To make your fence more secure, you should also consider burying your fencing material under the ground around the perimeter of the fence. In this way, if rabbits start digging, they will run into your fence material underground. How deep should you bury it? It should be as deep as you can, at least 6 inches. To be more exact, L-shape fences here work very well.
Another important detail for you not to forget is the gate area. Make sure not to leave a gap along the edge of the gate for a rabbit to get through. You can overlap some pieces of wire mesh to make sure the fence is impenetrable.
Individual Plant Protection
If you don’t have a big garden or cannot install a fence around the area, you want to protect yourself from intruders. You can always choose individual plant protection. Here you can choose a chicken mesh netting over and around your plants. The critical detail here is to make the coverage not too high from the ground so that the bunny couldn’t fit its head or go under. However, it should still be high enough to be on the top of your plants to protect them from nibbling.
To secure trees from rabbit damage, you should create a wire cylinder 2 feet high on the tree. The wire must be at least 1 to 2 feet away from the tree. To protect the plant’s primary root system, you will also have to bury the base of the protective cloth at least 3 inches below the soil surface.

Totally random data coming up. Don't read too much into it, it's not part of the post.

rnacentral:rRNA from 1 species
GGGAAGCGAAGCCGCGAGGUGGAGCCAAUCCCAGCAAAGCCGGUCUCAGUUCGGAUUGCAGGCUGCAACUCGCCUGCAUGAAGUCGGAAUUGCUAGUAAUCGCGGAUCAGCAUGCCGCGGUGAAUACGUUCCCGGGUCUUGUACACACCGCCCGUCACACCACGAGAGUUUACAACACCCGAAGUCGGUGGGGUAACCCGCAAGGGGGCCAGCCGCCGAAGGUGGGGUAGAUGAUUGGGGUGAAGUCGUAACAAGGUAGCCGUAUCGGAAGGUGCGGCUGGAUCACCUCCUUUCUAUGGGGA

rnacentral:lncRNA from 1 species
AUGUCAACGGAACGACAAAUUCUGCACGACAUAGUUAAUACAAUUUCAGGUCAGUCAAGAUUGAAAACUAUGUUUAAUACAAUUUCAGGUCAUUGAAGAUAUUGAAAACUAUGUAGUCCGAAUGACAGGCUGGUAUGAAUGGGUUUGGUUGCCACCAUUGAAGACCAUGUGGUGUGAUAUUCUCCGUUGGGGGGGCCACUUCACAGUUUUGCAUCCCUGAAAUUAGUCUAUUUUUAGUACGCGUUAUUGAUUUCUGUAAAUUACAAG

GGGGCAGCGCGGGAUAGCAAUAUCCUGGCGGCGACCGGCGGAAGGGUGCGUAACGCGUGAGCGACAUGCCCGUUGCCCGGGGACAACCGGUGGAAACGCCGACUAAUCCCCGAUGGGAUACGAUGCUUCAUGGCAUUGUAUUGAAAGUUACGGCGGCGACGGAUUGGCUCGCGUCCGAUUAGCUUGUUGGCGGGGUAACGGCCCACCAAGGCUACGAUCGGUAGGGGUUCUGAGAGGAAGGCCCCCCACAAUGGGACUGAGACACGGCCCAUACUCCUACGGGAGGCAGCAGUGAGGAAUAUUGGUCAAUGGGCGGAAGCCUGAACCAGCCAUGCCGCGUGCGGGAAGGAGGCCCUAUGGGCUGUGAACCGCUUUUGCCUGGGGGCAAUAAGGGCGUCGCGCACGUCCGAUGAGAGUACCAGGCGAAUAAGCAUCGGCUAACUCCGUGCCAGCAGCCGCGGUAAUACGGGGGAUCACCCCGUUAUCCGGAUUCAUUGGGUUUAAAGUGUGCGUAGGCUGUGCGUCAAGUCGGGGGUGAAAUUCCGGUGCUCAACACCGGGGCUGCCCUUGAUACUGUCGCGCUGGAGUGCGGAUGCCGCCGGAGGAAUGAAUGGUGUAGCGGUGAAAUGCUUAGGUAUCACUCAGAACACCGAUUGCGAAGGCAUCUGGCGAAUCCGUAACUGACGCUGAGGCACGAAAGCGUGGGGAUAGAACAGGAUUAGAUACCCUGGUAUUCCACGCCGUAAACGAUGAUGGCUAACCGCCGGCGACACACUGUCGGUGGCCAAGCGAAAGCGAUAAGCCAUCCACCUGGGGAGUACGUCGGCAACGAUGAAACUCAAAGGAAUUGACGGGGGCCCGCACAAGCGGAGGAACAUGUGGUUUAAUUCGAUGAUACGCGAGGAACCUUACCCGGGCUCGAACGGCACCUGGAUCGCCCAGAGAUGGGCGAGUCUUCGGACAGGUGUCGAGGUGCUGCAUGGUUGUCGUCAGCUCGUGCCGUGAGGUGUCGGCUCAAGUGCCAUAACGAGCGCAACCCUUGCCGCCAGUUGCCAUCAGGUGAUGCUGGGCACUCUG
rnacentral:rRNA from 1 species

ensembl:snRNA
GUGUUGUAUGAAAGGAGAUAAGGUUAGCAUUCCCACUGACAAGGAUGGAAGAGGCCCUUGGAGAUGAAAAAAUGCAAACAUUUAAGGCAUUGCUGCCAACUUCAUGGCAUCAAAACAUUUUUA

Opt for Raised Beds
Raised garden beds are great in means of price and simplicity to be installed. Besides, it’s beneficial when it comes to fighting with rabbits. Before installing it, make sure you have planned to make it high enough. You will have to raise your beds about eighteen inches off the ground to keep rabbits away. This makes their dining much more difficult or impossible as they will have to tiptoe to reach your greens.
However, if you already have your garden beds set up, you should go the same path as I described before. Use a chicken net to cover the whole bed and ensure it’s not too high from the ground.
Repellents can be a great addition to your fight with rabbits. It’s usually a combination of intensive smell items that you can spray on or around your plants. The good thing is you can choose it at a store or do it at home. Yet, you shouldn’t use any pesticides or products against rats because they might be toxic for you, your pets and children, and plants.
Organic Homemade Repellent
Why buy from a shop when you can use your resources and ensure it’s environmentally friendly? As you already know, rabbits dislike strong scents and spicy tastes, so you can easily mix and try something before purchasing it. Here are some best know practices:
- Mix hot pepper sauce (you can use ground black peppers or Tabasco sauce) with some water and sprinkle onto your plants.
- Use jalapeno peppers to mix with water and vegetable oil, and then spray onto your veggies.
- Don’t throw your used coffee grounds. Mix it with eggshells and banana peels and drop it around your garden perimeter.
- Get some human hair and sprinkle it around your garden (it’s also an excellent fertilizer for your vegetables).
- Use animal (dog, cat, fox) or human urine or blood meal and drop it around your garden.
Although some of these recipes sound ridiculous, they have been proven to work by some gardeners. Rabbits are scared of intensive scents as they block their ability to sense the predator. So don’t forget to reapply these sprays after the rain or heavy watering. And don’t forget, these homemade repellents are usually effective if nothing else is tempting nearby.
Electronic Rabbit Repellent